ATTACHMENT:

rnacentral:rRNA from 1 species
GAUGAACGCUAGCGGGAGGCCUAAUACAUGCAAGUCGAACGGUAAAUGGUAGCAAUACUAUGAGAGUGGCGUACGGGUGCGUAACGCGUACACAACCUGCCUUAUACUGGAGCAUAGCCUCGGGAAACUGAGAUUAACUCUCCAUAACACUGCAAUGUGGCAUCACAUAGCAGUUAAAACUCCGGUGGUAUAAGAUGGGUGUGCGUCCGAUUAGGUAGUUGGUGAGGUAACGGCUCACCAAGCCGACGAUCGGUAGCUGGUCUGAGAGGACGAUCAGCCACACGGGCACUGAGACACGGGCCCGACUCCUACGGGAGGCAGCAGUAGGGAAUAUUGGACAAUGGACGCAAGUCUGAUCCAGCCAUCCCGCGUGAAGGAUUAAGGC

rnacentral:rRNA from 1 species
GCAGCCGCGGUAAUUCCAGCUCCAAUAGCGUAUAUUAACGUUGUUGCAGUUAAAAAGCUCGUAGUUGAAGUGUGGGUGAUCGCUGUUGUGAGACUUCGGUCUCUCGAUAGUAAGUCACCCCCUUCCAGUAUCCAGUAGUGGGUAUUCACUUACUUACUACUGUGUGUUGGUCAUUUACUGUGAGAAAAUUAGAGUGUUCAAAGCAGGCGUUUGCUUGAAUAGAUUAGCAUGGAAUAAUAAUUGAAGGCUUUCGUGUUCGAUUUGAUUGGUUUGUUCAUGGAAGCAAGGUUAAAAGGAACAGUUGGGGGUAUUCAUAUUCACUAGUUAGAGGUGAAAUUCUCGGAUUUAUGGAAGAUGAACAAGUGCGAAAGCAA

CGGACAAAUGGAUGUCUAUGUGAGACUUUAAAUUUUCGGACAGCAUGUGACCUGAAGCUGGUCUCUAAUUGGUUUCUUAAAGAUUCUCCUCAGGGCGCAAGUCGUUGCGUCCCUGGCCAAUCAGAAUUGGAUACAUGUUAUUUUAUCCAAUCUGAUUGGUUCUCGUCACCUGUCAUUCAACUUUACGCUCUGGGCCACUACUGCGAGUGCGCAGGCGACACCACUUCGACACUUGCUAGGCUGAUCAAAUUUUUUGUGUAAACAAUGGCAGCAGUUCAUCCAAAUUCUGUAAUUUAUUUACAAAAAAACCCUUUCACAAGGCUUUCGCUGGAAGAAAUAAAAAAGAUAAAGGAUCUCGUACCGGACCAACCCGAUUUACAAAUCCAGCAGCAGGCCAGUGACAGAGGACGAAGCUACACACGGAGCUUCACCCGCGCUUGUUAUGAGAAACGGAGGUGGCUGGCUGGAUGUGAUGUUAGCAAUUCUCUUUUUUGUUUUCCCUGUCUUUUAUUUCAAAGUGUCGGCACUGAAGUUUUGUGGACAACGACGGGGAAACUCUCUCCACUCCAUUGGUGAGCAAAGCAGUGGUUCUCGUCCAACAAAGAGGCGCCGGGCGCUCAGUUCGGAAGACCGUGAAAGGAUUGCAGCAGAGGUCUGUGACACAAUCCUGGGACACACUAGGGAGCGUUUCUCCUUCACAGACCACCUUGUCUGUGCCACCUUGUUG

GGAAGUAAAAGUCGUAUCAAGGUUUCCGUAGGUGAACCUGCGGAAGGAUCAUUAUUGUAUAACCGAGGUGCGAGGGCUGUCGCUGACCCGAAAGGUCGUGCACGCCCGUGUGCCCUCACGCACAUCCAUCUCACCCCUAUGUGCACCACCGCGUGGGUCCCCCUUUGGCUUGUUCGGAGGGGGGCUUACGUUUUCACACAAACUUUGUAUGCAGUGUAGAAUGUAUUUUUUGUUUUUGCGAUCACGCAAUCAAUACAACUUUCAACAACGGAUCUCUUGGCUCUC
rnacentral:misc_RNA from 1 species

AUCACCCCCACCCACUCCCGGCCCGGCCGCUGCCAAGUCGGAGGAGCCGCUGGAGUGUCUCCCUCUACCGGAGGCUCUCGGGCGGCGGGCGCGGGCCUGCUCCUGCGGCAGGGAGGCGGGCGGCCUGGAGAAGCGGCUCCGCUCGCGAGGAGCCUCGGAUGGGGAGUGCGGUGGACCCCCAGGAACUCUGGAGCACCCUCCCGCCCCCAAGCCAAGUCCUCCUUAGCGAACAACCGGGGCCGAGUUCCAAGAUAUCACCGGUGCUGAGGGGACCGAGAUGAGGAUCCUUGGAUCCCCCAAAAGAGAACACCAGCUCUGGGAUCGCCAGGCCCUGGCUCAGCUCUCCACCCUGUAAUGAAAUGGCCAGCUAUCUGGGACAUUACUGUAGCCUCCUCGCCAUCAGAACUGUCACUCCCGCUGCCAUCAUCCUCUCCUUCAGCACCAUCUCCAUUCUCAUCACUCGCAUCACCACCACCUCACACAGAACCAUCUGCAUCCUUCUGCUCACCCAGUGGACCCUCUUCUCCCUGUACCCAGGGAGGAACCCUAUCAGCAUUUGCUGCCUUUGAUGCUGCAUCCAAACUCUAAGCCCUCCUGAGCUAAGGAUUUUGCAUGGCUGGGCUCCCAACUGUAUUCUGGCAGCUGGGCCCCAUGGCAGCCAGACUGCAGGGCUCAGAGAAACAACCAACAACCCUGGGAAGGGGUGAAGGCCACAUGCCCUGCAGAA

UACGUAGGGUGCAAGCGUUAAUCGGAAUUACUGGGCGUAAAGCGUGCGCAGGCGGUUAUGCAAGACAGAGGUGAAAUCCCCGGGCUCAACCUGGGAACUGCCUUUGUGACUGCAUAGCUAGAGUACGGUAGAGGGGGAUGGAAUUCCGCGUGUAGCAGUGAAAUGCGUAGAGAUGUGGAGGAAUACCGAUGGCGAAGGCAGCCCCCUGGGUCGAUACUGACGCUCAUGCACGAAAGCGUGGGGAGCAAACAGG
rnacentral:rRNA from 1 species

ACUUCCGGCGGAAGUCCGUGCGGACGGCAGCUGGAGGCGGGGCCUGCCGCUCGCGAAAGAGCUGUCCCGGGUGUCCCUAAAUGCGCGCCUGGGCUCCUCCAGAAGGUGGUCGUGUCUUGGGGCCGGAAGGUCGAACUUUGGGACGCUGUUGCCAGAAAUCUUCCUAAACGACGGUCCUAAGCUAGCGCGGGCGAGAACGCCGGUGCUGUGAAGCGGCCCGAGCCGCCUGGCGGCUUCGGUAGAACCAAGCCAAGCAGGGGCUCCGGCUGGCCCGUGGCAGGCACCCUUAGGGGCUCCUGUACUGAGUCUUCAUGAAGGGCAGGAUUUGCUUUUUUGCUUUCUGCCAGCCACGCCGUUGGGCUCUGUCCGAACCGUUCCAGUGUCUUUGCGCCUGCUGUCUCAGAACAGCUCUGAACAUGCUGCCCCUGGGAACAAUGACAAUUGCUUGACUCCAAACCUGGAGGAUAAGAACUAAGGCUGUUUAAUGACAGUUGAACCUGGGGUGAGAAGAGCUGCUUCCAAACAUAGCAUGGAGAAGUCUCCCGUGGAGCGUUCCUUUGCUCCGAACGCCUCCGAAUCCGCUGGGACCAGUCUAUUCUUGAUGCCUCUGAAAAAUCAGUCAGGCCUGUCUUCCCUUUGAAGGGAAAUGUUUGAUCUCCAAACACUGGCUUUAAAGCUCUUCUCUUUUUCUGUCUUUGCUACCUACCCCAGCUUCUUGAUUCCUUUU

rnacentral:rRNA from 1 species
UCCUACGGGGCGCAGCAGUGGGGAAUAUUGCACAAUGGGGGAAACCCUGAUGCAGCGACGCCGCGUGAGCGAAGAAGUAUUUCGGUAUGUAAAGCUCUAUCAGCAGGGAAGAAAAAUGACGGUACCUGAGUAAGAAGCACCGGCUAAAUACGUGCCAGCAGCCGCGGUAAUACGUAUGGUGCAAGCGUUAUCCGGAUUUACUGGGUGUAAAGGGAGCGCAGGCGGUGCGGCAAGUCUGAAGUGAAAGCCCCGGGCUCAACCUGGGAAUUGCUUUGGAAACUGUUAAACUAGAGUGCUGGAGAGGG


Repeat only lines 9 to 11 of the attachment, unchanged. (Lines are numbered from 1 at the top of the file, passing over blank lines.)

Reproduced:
UACGUAGGGUGCAAGCGUUAAUCGGAAUUACUGGGCGUAAAGCGUGCGCAGGCGGUUAUGCAAGACAGAGGUGAAAUCCCCGGGCUCAACCUGGGAACUGCCUUUGUGACUGCAUAGCUAGAGUACGGUAGAGGGGGAUGGAAUUCCGCGUGUAGCAGUGAAAUGCGUAGAGAUGUGGAGGAAUACCGAUGGCGAAGGCAGCCCCCUGGGUCGAUACUGACGCUCAUGCACGAAAGCGUGGGGAGCAAACAGG
rnacentral:rRNA from 1 species

ACUUCCGGCGGAAGUCCGUGCGGACGGCAGCUGGAGGCGGGGCCUGCCGCUCGCGAAAGAGCUGUCCCGGGUGUCCCUAAAUGCGCGCCUGGGCUCCUCCAGAAGGUGGUCGUGUCUUGGGGCCGGAAGGUCGAACUUUGGGACGCUGUUGCCAGAAAUCUUCCUAAACGACGGUCCUAAGCUAGCGCGGGCGAGAACGCCGGUGCUGUGAAGCGGCCCGAGCCGCCUGGCGGCUUCGGUAGAACCAAGCCAAGCAGGGGCUCCGGCUGGCCCGUGGCAGGCACCCUUAGGGGCUCCUGUACUGAGUCUUCAUGAAGGGCAGGAUUUGCUUUUUUGCUUUCUGCCAGCCACGCCGUUGGGCUCUGUCCGAACCGUUCCAGUGUCUUUGCGCCUGCUGUCUCAGAACAGCUCUGAACAUGCUGCCCCUGGGAACAAUGACAAUUGCUUGACUCCAAACCUGGAGGAUAAGAACUAAGGCUGUUUAAUGACAGUUGAACCUGGGGUGAGAAGAGCUGCUUCCAAACAUAGCAUGGAGAAGUCUCCCGUGGAGCGUUCCUUUGCUCCGAACGCCUCCGAAUCCGCUGGGACCAGUCUAUUCUUGAUGCCUCUGAAAAAUCAGUCAGGCCUGUCUUCCCUUUGAAGGGAAAUGUUUGAUCUCCAAACACUGGCUUUAAAGCUCUUCUCUUUUUCUGUCUUUGCUACCUACCCCAGCUUCUUGAUUCCUUUU